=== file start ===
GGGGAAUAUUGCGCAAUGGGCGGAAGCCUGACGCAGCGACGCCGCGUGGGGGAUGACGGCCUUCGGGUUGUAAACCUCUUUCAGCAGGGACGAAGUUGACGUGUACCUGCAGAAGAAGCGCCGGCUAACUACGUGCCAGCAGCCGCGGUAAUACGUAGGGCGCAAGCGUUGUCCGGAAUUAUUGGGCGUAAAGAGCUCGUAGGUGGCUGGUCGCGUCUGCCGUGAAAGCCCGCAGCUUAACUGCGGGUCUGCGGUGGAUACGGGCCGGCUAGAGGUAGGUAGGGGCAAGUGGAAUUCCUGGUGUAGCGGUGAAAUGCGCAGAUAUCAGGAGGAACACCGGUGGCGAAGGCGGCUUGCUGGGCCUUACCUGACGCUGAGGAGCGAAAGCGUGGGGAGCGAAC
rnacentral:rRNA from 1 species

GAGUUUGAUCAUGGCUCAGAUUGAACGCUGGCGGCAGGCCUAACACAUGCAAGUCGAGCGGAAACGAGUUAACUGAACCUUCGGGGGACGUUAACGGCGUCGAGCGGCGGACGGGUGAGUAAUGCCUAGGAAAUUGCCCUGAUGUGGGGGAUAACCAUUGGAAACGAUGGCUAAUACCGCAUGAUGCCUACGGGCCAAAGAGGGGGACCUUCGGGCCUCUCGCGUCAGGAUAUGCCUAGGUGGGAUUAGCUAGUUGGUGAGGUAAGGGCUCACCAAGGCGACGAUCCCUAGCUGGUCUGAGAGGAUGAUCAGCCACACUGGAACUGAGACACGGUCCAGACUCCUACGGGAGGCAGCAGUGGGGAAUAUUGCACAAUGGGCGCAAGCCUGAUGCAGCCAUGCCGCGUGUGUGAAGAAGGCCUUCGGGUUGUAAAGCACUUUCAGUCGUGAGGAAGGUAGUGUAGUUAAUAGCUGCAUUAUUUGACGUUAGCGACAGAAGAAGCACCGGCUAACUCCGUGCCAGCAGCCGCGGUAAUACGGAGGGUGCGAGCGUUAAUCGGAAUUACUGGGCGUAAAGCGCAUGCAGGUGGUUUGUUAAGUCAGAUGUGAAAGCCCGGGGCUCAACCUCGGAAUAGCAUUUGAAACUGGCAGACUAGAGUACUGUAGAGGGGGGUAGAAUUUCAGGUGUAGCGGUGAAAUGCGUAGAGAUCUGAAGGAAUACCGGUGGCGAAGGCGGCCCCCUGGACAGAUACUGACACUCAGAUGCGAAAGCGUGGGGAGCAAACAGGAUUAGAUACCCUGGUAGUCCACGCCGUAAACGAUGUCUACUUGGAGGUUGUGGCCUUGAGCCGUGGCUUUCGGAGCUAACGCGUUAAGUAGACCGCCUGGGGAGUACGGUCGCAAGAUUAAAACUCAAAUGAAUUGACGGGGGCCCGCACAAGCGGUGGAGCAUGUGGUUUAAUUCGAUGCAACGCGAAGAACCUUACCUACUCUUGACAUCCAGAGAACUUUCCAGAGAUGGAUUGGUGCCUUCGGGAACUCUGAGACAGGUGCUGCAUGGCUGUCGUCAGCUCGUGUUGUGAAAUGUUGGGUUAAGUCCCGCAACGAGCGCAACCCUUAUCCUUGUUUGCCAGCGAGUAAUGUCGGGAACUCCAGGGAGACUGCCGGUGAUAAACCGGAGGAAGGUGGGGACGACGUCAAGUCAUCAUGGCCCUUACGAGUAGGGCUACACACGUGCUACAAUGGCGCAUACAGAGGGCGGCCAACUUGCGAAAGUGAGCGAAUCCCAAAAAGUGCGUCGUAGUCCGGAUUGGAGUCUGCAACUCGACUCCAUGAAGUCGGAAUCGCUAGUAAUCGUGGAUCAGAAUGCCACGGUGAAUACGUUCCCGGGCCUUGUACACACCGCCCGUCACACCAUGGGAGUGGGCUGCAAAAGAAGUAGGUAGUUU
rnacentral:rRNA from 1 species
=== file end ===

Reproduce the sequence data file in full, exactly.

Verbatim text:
GGGGAAUAUUGCGCAAUGGGCGGAAGCCUGACGCAGCGACGCCGCGUGGGGGAUGACGGCCUUCGGGUUGUAAACCUCUUUCAGCAGGGACGAAGUUGACGUGUACCUGCAGAAGAAGCGCCGGCUAACUACGUGCCAGCAGCCGCGGUAAUACGUAGGGCGCAAGCGUUGUCCGGAAUUAUUGGGCGUAAAGAGCUCGUAGGUGGCUGGUCGCGUCUGCCGUGAAAGCCCGCAGCUUAACUGCGGGUCUGCGGUGGAUACGGGCCGGCUAGAGGUAGGUAGGGGCAAGUGGAAUUCCUGGUGUAGCGGUGAAAUGCGCAGAUAUCAGGAGGAACACCGGUGGCGAAGGCGGCUUGCUGGGCCUUACCUGACGCUGAGGAGCGAAAGCGUGGGGAGCGAAC
rnacentral:rRNA from 1 species

GAGUUUGAUCAUGGCUCAGAUUGAACGCUGGCGGCAGGCCUAACACAUGCAAGUCGAGCGGAAACGAGUUAACUGAACCUUCGGGGGACGUUAACGGCGUCGAGCGGCGGACGGGUGAGUAAUGCCUAGGAAAUUGCCCUGAUGUGGGGGAUAACCAUUGGAAACGAUGGCUAAUACCGCAUGAUGCCUACGGGCCAAAGAGGGGGACCUUCGGGCCUCUCGCGUCAGGAUAUGCCUAGGUGGGAUUAGCUAGUUGGUGAGGUAAGGGCUCACCAAGGCGACGAUCCCUAGCUGGUCUGAGAGGAUGAUCAGCCACACUGGAACUGAGACACGGUCCAGACUCCUACGGGAGGCAGCAGUGGGGAAUAUUGCACAAUGGGCGCAAGCCUGAUGCAGCCAUGCCGCGUGUGUGAAGAAGGCCUUCGGGUUGUAAAGCACUUUCAGUCGUGAGGAAGGUAGUGUAGUUAAUAGCUGCAUUAUUUGACGUUAGCGACAGAAGAAGCACCGGCUAACUCCGUGCCAGCAGCCGCGGUAAUACGGAGGGUGCGAGCGUUAAUCGGAAUUACUGGGCGUAAAGCGCAUGCAGGUGGUUUGUUAAGUCAGAUGUGAAAGCCCGGGGCUCAACCUCGGAAUAGCAUUUGAAACUGGCAGACUAGAGUACUGUAGAGGGGGGUAGAAUUUCAGGUGUAGCGGUGAAAUGCGUAGAGAUCUGAAGGAAUACCGGUGGCGAAGGCGGCCCCCUGGACAGAUACUGACACUCAGAUGCGAAAGCGUGGGGAGCAAACAGGAUUAGAUACCCUGGUAGUCCACGCCGUAAACGAUGUCUACUUGGAGGUUGUGGCCUUGAGCCGUGGCUUUCGGAGCUAACGCGUUAAGUAGACCGCCUGGGGAGUACGGUCGCAAGAUUAAAACUCAAAUGAAUUGACGGGGGCCCGCACAAGCGGUGGAGCAUGUGGUUUAAUUCGAUGCAACGCGAAGAACCUUACCUACUCUUGACAUCCAGAGAACUUUCCAGAGAUGGAUUGGUGCCUUCGGGAACUCUGAGACAGGUGCUGCAUGGCUGUCGUCAGCUCGUGUUGUGAAAUGUUGGGUUAAGUCCCGCAACGAGCGCAACCCUUAUCCUUGUUUGCCAGCGAGUAAUGUCGGGAACUCCAGGGAGACUGCCGGUGAUAAACCGGAGGAAGGUGGGGACGACGUCAAGUCAUCAUGGCCCUUACGAGUAGGGCUACACACGUGCUACAAUGGCGCAUACAGAGGGCGGCCAACUUGCGAAAGUGAGCGAAUCCCAAAAAGUGCGUCGUAGUCCGGAUUGGAGUCUGCAACUCGACUCCAUGAAGUCGGAAUCGCUAGUAAUCGUGGAUCAGAAUGCCACGGUGAAUACGUUCCCGGGCCUUGUACACACCGCCCGUCACACCAUGGGAGUGGGCUGCAAAAGAAGUAGGUAGUUU
rnacentral:rRNA from 1 species